--Bank's shares fell to 20-year low this week
--Credit Suisse announcement nearly a month before earnings due
--Second surprise announcement in one week
By Anita Greil
ZURICH--Credit Suisse expects to be profitable in the second quarter, Switzerland's No. 2 bank said in a surprise statement Friday, nearly a month before it is scheduled to report detailed earnings.
The forecast of a profitable second quarter for the group and all its divisions is the second surprise announcement in a week by the bank, which saw its shares drop to a 20-year low this week after it was caught up recently in an unusual public spat with Switzerland's central bank over whether Credit Suisse's capital cushion is adequate.
A week ago, in another unusual move, the board of Credit Suisse issued a statement on Friday to back Chief Executive Brady Dougan, saying it is confident that management's plans to bolster capital will ensure the bank meets and exceeds regulatory requirements.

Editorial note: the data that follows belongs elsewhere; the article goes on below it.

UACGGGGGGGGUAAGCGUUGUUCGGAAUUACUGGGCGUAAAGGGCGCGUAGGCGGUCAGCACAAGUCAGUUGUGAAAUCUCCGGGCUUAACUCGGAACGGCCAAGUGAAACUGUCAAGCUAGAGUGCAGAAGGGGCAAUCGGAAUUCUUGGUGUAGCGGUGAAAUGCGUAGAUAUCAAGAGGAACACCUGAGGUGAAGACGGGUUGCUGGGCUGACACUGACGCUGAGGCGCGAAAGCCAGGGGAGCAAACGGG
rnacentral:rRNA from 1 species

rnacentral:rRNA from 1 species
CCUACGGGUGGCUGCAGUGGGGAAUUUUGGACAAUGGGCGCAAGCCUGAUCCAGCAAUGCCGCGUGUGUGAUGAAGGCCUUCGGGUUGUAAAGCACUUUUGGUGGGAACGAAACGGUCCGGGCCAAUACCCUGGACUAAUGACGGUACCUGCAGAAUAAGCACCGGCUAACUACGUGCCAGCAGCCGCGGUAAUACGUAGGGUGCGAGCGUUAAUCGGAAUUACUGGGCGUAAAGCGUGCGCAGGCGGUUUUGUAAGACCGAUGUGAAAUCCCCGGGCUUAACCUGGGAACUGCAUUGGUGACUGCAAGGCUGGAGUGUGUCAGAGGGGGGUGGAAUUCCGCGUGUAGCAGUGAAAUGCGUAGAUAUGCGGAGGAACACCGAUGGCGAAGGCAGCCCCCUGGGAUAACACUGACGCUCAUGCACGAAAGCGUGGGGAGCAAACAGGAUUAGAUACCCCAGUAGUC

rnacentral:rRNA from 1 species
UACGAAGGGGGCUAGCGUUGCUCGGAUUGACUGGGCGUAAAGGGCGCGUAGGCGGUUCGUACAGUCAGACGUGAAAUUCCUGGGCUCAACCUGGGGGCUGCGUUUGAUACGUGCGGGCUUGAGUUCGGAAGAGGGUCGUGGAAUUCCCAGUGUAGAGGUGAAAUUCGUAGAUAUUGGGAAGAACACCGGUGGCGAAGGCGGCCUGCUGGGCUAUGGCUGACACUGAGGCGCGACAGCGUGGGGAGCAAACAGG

The spat with the central bank stems from the fact that some of Credit Suisse's capital is still held in the form of bonds that will turn into equity later. The bank more than meets current requirements, but under the stricter Basel III rules, which will come into force in 2019, this capital doesn't count. The central bank focused on that, saying that if the euro zone crisis turned markedly worse, such equity capital would be lacking.
To boost capital, Credit Suisse could bring forward the exchange of two bonds with a face value of 6 billion Swiss francs ($6.2 billion) into a form of equity. This exchange was planned for late 2013. The two big Middle East investors who bought the bonds in 2008 signaled that they may agree to an early exchange under certain conditions, Swiss daily Tages Anzeiger reported Friday, citing sources closed to the board.
Credit Suisse declined to comment on this plan.
At 0815 GMT, Credit Suisse shares were up CHF0.48, or 3% at CHF17.06. The shares have lost around a fifth of their value this year to trade around a 20-year low. And since their most recent peak in late 2009, they have lost more than 70% of their value.
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